break;
    			
    			case 3:
    				vector.y +=1;
    				break;
    			
    			default:
    				System.out.printf("Illigal argument. use 0 , 1, 2 , 3");
    				break;
    		}
    	}
    	
    	public Entity add()
    	{
    		Entity re = new Entity();
    		return(re);
    	}
    }

  2. #2
    Fubarable's Avatar
    Fubarable is offline Moderator
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    Default

    Which line is throwing the error? (line 21 in your Map class) That's the first place to start. And where's the code where you create a Map object and call its methods such as DrawMap(...)?

    edit other recommendations: Please learn the Java naming conventions. To keep things consistent and thus easier to understand, you'll want to start method names with a lower case letter and classes with an upper case letter. Also, you may wish to rename your Map class to another name, something that isn't already part of the standard Java library.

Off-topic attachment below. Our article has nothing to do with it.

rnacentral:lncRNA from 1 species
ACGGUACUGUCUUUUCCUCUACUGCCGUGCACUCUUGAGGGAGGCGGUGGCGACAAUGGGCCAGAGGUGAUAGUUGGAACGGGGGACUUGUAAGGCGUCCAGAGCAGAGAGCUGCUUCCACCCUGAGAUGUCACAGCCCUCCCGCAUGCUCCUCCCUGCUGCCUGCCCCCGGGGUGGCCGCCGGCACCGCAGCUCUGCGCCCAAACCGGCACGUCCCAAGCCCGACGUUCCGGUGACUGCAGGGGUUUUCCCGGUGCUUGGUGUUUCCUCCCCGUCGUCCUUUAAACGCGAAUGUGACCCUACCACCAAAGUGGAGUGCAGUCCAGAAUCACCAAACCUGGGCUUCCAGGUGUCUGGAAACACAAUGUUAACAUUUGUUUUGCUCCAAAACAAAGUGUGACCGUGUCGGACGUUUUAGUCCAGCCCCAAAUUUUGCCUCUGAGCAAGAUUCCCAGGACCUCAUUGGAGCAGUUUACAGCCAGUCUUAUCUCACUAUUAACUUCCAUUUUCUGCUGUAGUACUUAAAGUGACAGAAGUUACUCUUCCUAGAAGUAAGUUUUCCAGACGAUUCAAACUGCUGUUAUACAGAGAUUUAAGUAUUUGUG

Luck!
    Last edited by Fubarable; 02-12-2011 at 05:08 PM.

  3. #3
    JosAH's Avatar
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    Default

    See my comments in your code:

    Java Code:
    import java.util.List;
    
    
    public class Map {
    	public
    		Entity GLOBAL_ENTITY = new Entity();
    		List<Entity> ents; // <--- not initialized so its null
    		char[][] map = new char[10][10];
    	private
    		int x,y,i;
    	
    	public Map()
    	{
    		for(x = 0; x < 10; x++)
    		{
    			for(y = 0; y < 10; y++)
    			{
    				map[x][y] = '*';
    			}
    		}